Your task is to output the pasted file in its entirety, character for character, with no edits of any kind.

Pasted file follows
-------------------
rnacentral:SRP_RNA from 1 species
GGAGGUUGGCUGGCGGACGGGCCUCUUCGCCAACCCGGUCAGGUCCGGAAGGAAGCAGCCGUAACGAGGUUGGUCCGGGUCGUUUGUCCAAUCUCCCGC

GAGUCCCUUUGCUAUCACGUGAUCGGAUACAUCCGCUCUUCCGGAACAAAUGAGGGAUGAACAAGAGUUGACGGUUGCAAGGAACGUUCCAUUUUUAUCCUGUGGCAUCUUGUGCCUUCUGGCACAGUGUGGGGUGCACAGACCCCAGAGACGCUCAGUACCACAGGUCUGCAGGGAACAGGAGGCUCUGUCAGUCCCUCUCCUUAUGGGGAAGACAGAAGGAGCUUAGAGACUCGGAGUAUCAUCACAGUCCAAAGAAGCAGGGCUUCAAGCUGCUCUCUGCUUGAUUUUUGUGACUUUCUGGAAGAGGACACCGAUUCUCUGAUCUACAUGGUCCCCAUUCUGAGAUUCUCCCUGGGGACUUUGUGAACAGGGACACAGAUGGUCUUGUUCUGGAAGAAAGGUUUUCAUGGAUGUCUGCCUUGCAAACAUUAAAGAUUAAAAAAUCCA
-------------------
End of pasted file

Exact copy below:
rnacentral:SRP_RNA from 1 species
GGAGGUUGGCUGGCGGACGGGCCUCUUCGCCAACCCGGUCAGGUCCGGAAGGAAGCAGCCGUAACGAGGUUGGUCCGGGUCGUUUGUCCAAUCUCCCGC

GAGUCCCUUUGCUAUCACGUGAUCGGAUACAUCCGCUCUUCCGGAACAAAUGAGGGAUGAACAAGAGUUGACGGUUGCAAGGAACGUUCCAUUUUUAUCCUGUGGCAUCUUGUGCCUUCUGGCACAGUGUGGGGUGCACAGACCCCAGAGACGCUCAGUACCACAGGUCUGCAGGGAACAGGAGGCUCUGUCAGUCCCUCUCCUUAUGGGGAAGACAGAAGGAGCUUAGAGACUCGGAGUAUCAUCACAGUCCAAAGAAGCAGGGCUUCAAGCUGCUCUCUGCUUGAUUUUUGUGACUUUCUGGAAGAGGACACCGAUUCUCUGAUCUACAUGGUCCCCAUUCUGAGAUUCUCCCUGGGGACUUUGUGAACAGGGACACAGAUGGUCUUGUUCUGGAAGAAAGGUUUUCAUGGAUGUCUGCCUUGCAAACAUUAAAGAUUAAAAAAUCCA